Cacti stay cool by having ribs that provide shade and enhance heat radiation.
"The same applies to the intricate structural designs of cacti, which are exposed to a great deal of heat pressure in the desert. Their heat-reflecting capacity is low, since their surface is greatly reduced so as to cut down on evaporation. Nature has solved the problem by equipping many cacti with cooling ribs. These shade the cactus's surface against the scorching sun and simultaneously improve heat radiation. The alternating planes of light and shade of the vertical cooling ribs of the torch thistle produce rising and falling air currents, which improve heat radiation. And when the sun reaches its highest position, it hits the torch thistle from above, where it presents its smallest surface. A botanist discovered that torch thistles perish of burns when they are placed horizontally in the sun." (Tributsch 1984: 136)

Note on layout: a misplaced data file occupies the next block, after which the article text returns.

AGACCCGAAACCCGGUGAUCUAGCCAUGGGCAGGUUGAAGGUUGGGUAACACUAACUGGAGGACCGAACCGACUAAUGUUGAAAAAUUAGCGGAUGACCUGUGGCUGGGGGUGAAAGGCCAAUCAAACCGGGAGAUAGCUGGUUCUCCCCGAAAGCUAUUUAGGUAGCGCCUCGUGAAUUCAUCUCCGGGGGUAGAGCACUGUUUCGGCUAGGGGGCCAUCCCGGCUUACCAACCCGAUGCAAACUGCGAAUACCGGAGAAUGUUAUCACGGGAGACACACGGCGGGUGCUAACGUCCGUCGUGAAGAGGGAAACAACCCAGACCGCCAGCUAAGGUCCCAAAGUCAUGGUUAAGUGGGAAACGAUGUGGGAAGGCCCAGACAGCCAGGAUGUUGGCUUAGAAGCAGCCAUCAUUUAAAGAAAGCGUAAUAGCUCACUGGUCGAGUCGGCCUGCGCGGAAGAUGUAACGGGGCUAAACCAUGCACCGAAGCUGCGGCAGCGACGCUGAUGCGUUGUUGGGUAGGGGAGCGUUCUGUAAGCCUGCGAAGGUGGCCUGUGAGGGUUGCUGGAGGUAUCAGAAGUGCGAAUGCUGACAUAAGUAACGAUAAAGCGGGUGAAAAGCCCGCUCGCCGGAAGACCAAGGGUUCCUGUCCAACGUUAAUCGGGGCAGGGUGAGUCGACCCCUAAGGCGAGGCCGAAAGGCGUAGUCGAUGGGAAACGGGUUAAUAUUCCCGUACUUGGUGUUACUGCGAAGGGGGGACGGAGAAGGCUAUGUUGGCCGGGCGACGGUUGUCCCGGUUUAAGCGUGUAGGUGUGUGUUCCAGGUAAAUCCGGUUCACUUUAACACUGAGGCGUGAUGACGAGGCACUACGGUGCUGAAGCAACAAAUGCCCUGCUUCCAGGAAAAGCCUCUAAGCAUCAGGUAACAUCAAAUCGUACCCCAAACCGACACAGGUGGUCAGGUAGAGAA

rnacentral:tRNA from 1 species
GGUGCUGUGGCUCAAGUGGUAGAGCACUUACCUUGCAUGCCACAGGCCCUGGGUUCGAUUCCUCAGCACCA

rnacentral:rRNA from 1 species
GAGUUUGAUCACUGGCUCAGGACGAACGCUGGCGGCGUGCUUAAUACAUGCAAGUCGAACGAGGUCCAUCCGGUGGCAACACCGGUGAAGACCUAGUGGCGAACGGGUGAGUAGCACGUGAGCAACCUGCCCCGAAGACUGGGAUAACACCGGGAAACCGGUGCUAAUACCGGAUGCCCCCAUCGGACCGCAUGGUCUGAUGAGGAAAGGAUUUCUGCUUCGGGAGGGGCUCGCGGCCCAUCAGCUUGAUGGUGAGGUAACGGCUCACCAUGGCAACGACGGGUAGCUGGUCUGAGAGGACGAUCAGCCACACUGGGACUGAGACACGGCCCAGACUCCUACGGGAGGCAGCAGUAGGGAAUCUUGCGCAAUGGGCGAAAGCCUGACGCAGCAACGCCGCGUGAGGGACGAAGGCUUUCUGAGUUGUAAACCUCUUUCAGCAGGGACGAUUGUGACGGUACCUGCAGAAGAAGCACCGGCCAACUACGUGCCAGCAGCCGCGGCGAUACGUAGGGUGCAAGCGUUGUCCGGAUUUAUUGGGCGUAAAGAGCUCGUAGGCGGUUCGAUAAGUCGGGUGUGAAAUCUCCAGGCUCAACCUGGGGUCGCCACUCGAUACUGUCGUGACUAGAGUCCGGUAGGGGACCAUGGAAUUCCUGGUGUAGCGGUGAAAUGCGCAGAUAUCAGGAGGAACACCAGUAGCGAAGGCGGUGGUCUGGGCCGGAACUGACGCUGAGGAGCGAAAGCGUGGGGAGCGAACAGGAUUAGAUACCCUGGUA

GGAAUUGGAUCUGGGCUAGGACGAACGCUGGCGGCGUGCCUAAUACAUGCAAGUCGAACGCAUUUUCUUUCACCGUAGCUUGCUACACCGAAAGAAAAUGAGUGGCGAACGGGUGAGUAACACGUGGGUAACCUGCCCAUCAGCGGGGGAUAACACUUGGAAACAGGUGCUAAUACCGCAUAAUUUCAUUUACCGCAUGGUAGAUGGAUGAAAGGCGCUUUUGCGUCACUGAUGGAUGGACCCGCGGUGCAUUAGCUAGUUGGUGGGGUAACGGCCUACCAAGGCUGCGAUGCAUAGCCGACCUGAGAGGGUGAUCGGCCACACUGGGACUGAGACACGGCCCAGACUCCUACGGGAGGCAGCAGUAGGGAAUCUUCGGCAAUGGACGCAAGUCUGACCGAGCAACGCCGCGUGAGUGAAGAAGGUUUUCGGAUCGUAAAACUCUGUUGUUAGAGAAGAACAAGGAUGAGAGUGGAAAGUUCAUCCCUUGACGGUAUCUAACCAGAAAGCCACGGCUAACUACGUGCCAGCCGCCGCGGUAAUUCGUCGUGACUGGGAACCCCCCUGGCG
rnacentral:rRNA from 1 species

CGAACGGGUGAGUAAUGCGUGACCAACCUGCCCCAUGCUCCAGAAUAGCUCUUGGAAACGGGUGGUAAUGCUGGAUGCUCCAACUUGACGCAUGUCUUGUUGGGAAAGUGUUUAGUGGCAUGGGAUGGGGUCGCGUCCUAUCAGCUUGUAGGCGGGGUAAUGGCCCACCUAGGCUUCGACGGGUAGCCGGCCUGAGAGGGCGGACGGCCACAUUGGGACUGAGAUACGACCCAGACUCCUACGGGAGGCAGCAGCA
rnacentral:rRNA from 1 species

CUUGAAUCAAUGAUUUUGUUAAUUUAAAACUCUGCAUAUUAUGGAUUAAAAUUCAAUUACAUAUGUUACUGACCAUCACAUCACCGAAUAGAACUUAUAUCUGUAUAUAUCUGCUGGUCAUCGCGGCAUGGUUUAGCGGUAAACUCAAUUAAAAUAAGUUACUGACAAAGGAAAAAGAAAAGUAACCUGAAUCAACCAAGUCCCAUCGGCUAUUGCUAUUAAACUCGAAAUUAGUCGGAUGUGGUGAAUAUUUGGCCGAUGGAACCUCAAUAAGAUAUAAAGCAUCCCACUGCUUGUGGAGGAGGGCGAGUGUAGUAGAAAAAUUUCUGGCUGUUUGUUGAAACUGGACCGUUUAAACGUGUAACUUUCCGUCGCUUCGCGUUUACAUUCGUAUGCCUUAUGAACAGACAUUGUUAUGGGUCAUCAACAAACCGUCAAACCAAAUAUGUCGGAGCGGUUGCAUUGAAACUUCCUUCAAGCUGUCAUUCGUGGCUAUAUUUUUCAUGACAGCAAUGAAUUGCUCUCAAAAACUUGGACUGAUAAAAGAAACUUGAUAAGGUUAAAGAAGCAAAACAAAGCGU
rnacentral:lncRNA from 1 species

Learn more about this functional adaptation.
- Tributsch, H. 1984. How life learned to live. Cambridge, MA: The MIT Press. 218 p.
No one has provided updates yet.